The defining plant of the Sonoran desert is none other than the majestic Carnegiea Gigantea Cactus, better known as the Saguaro. A seed propagated plant, the flowers of a Saguaro are mainly pollinated by the Lesser Long-nose Bat, producing a ruby-red fruit. After ripening, having offered its seeded bounty to the capriciousness of the desert environment, these amazingly brilliant remnants litter the ground.
It goes slow. It is almost imperceptible. This line. Grey to blue, wanting to pull into awareness these nestled shapes. I was beginning to wonder if the time spent was an exercise in procrastination. But it’s a hundred and ten outside, so slow it goes and well worth the effort.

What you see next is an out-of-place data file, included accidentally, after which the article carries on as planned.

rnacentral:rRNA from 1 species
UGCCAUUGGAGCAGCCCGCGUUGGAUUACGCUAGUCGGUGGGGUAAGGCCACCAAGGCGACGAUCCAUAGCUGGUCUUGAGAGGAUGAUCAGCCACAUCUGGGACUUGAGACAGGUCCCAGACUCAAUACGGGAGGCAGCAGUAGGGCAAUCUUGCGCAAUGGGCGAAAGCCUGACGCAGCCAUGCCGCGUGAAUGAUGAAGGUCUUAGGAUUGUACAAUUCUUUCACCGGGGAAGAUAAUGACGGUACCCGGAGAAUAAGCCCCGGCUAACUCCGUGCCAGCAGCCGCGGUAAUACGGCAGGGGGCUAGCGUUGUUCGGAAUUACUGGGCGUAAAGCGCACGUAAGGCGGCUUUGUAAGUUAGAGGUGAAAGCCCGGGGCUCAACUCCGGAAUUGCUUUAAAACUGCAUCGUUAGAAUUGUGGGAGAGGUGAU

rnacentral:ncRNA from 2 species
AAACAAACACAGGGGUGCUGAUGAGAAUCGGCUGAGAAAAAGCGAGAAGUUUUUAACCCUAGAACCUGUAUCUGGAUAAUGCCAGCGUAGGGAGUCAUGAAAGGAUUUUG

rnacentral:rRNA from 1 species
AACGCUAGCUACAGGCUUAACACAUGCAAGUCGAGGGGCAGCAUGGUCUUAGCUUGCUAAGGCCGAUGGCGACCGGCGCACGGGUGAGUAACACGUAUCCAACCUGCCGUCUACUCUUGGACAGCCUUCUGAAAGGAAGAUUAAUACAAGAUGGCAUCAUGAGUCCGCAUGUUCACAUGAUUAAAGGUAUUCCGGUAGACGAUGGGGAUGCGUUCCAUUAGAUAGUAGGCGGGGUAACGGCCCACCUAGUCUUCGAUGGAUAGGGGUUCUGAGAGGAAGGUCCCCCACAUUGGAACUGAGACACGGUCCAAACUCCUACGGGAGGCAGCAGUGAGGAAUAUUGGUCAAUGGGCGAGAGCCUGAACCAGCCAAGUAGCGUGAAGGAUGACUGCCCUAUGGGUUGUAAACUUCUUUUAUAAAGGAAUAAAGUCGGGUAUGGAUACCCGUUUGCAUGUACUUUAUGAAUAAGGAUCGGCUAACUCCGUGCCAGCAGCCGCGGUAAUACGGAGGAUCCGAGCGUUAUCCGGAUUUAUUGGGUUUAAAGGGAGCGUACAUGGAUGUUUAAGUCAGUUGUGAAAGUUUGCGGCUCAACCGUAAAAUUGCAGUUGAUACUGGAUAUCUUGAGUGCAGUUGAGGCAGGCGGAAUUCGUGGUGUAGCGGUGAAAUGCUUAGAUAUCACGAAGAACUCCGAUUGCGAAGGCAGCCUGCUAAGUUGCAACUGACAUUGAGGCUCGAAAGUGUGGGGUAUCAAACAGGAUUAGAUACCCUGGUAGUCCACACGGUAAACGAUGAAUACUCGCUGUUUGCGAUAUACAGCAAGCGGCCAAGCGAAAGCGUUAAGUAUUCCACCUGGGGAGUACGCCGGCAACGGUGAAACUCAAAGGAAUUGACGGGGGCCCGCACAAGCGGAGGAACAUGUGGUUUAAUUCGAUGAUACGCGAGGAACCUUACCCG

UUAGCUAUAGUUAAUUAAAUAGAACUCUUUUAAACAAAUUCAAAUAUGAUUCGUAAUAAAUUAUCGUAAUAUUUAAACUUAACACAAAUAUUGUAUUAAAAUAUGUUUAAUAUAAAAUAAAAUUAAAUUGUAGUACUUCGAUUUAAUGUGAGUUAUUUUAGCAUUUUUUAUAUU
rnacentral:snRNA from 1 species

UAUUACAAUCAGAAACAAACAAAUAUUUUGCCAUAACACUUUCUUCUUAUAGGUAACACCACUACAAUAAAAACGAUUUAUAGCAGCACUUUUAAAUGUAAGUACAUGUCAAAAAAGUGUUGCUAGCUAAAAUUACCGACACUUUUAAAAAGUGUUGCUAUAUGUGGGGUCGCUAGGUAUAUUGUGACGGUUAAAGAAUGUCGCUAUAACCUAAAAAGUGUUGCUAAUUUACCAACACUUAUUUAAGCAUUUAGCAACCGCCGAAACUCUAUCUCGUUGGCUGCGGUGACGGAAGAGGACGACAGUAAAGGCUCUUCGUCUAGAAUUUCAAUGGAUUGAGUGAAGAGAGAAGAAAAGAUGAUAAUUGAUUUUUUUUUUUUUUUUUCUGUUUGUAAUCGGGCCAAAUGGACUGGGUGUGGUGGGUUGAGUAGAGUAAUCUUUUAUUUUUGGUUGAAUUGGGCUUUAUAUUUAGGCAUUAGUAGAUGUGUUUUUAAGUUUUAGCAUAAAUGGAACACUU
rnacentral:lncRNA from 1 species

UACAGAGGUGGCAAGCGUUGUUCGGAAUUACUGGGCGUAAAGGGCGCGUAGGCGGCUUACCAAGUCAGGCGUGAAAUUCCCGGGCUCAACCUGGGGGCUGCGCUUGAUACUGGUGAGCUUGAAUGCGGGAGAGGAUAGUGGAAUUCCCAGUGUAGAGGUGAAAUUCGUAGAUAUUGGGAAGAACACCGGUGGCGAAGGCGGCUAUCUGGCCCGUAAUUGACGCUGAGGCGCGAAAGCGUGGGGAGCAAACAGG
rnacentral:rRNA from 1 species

Speaking of summertime, the desert sun is playing havoc with a few tender gardening endeavors requiring a shade cloth engineering project. Here, a self portrait with one of the failed attempts at protection.
Top Of The World. Its name adopted from a 1920’s dance hall situated on the road that became US 60, the highway that now connects Superior and Miami Arizona. A short five miles away, Mountain Breeze Memorial Gardens Cemetery. Jeff’s Jerky Stand was on my left. Mountain Breeze was on my right.)
Continuing on US 60 toward our destination, the Blue Range Wilderness Area. These images are from the section between Show Low and Springerville. The upper landscape was on my left, the bottom on my right.
Into the Blue.
Six tulips for Donna. (from Molly)
Back to the studio . . .
A process of accumulation, excavating, and telling time.